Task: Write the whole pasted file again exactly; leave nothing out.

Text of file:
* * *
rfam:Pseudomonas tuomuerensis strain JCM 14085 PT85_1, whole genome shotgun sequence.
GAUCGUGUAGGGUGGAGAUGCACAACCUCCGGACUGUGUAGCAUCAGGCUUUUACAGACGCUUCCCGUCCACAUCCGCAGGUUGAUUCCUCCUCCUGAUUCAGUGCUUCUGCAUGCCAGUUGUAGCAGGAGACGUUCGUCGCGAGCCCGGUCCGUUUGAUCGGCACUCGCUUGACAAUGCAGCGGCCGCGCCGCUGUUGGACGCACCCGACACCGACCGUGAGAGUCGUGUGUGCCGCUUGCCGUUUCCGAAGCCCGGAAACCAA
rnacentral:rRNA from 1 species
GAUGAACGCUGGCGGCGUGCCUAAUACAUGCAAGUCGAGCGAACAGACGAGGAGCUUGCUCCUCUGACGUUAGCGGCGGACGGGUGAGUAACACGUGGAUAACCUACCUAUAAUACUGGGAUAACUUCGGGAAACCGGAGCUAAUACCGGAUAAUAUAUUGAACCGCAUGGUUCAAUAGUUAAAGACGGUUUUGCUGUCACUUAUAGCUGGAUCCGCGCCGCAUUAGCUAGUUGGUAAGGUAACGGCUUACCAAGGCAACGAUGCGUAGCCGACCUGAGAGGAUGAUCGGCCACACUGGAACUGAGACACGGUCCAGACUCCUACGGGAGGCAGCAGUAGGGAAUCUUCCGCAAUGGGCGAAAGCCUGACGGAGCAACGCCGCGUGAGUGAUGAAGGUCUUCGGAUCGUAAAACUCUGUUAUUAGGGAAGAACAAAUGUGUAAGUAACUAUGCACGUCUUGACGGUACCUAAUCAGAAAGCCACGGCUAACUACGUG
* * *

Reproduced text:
rfam:Pseudomonas tuomuerensis strain JCM 14085 PT85_1, whole genome shotgun sequence.
GAUCGUGUAGGGUGGAGAUGCACAACCUCCGGACUGUGUAGCAUCAGGCUUUUACAGACGCUUCCCGUCCACAUCCGCAGGUUGAUUCCUCCUCCUGAUUCAGUGCUUCUGCAUGCCAGUUGUAGCAGGAGACGUUCGUCGCGAGCCCGGUCCGUUUGAUCGGCACUCGCUUGACAAUGCAGCGGCCGCGCCGCUGUUGGACGCACCCGACACCGACCGUGAGAGUCGUGUGUGCCGCUUGCCGUUUCCGAAGCCCGGAAACCAA
rnacentral:rRNA from 1 species
GAUGAACGCUGGCGGCGUGCCUAAUACAUGCAAGUCGAGCGAACAGACGAGGAGCUUGCUCCUCUGACGUUAGCGGCGGACGGGUGAGUAACACGUGGAUAACCUACCUAUAAUACUGGGAUAACUUCGGGAAACCGGAGCUAAUACCGGAUAAUAUAUUGAACCGCAUGGUUCAAUAGUUAAAGACGGUUUUGCUGUCACUUAUAGCUGGAUCCGCGCCGCAUUAGCUAGUUGGUAAGGUAACGGCUUACCAAGGCAACGAUGCGUAGCCGACCUGAGAGGAUGAUCGGCCACACUGGAACUGAGACACGGUCCAGACUCCUACGGGAGGCAGCAGUAGGGAAUCUUCCGCAAUGGGCGAAAGCCUGACGGAGCAACGCCGCGUGAGUGAUGAAGGUCUUCGGAUCGUAAAACUCUGUUAUUAGGGAAGAACAAAUGUGUAAGUAACUAUGCACGUCUUGACGGUACCUAAUCAGAAAGCCACGGCUAACUACGUG